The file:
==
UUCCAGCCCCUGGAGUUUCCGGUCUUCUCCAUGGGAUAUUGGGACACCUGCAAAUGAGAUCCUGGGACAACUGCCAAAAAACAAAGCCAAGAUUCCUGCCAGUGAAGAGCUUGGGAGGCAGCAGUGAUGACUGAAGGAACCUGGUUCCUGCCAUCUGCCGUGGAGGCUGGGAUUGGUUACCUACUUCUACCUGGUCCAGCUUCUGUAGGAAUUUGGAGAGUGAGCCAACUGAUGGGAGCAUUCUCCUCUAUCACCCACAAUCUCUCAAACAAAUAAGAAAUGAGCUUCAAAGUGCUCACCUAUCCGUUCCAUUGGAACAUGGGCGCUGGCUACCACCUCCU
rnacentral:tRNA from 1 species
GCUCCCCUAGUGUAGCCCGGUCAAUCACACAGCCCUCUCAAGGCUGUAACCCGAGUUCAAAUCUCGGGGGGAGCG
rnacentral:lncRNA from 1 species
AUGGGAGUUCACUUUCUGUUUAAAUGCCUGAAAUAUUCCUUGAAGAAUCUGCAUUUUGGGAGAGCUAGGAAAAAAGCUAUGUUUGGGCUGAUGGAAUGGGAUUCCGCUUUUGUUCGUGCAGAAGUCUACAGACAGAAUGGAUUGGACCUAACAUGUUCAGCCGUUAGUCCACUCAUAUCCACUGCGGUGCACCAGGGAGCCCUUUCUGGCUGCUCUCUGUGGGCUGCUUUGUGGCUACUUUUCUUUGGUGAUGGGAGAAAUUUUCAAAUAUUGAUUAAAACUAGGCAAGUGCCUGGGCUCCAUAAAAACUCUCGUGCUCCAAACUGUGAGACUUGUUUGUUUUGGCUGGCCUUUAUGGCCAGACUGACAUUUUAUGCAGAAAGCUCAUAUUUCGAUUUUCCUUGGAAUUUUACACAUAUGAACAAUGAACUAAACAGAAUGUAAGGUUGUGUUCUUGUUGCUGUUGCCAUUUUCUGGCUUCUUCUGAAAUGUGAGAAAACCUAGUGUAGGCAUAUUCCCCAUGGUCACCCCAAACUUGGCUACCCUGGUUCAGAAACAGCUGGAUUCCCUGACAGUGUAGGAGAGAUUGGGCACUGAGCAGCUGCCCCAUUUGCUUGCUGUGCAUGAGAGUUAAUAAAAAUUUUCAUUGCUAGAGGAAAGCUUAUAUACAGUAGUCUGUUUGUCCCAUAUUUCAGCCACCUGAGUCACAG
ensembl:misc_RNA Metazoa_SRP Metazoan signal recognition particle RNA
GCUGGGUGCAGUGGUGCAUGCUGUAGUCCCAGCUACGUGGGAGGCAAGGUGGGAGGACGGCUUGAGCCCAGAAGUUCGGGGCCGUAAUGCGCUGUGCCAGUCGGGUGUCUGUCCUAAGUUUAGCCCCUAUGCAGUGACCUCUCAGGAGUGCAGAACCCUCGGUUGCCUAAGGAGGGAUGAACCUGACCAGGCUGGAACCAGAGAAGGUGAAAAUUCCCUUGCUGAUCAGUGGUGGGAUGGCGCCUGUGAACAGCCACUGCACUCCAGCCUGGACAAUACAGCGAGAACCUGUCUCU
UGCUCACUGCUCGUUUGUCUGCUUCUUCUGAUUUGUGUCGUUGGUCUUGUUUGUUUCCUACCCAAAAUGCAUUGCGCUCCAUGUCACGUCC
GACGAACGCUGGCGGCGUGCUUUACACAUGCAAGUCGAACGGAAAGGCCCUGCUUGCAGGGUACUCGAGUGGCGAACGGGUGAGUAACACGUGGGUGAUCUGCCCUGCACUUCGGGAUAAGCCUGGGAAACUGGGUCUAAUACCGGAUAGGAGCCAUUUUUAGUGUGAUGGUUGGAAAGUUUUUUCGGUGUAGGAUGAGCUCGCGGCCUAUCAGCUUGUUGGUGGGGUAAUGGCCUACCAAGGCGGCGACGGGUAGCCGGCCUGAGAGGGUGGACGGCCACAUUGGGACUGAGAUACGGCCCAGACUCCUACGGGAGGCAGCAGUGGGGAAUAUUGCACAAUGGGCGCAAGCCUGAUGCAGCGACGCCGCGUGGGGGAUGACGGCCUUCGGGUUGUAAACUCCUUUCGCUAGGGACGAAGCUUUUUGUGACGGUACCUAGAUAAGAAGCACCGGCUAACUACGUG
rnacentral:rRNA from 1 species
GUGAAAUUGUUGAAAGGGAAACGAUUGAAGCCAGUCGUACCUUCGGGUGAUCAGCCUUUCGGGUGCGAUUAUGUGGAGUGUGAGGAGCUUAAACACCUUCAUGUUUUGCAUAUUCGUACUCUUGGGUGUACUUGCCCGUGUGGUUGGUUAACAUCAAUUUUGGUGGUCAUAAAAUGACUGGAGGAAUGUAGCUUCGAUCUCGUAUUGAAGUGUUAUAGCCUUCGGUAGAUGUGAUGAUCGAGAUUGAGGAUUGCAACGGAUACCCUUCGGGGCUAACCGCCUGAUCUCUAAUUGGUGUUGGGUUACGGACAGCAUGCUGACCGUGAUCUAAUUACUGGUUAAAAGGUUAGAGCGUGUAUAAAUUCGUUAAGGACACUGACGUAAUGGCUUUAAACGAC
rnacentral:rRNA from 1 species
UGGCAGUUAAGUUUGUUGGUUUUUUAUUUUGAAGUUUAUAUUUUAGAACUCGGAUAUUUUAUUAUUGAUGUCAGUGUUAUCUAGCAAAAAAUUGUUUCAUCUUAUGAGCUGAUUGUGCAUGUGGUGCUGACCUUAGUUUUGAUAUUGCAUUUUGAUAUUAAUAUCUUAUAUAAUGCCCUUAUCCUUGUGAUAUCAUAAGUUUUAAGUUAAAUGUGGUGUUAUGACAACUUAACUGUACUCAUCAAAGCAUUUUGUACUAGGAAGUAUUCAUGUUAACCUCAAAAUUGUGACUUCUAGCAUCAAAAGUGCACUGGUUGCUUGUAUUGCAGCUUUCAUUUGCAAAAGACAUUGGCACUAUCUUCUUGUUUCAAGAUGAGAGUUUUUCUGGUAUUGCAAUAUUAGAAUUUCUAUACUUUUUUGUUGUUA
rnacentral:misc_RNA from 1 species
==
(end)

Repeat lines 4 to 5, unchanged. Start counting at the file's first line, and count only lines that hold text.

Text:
rnacentral:lncRNA from 1 species
AUGGGAGUUCACUUUCUGUUUAAAUGCCUGAAAUAUUCCUUGAAGAAUCUGCAUUUUGGGAGAGCUAGGAAAAAAGCUAUGUUUGGGCUGAUGGAAUGGGAUUCCGCUUUUGUUCGUGCAGAAGUCUACAGACAGAAUGGAUUGGACCUAACAUGUUCAGCCGUUAGUCCACUCAUAUCCACUGCGGUGCACCAGGGAGCCCUUUCUGGCUGCUCUCUGUGGGCUGCUUUGUGGCUACUUUUCUUUGGUGAUGGGAGAAAUUUUCAAAUAUUGAUUAAAACUAGGCAAGUGCCUGGGCUCCAUAAAAACUCUCGUGCUCCAAACUGUGAGACUUGUUUGUUUUGGCUGGCCUUUAUGGCCAGACUGACAUUUUAUGCAGAAAGCUCAUAUUUCGAUUUUCCUUGGAAUUUUACACAUAUGAACAAUGAACUAAACAGAAUGUAAGGUUGUGUUCUUGUUGCUGUUGCCAUUUUCUGGCUUCUUCUGAAAUGUGAGAAAACCUAGUGUAGGCAUAUUCCCCAUGGUCACCCCAAACUUGGCUACCCUGGUUCAGAAACAGCUGGAUUCCCUGACAGUGUAGGAGAGAUUGGGCACUGAGCAGCUGCCCCAUUUGCUUGCUGUGCAUGAGAGUUAAUAAAAAUUUUCAUUGCUAGAGGAAAGCUUAUAUACAGUAGUCUGUUUGUCCCAUAUUUCAGCCACCUGAGUCACAG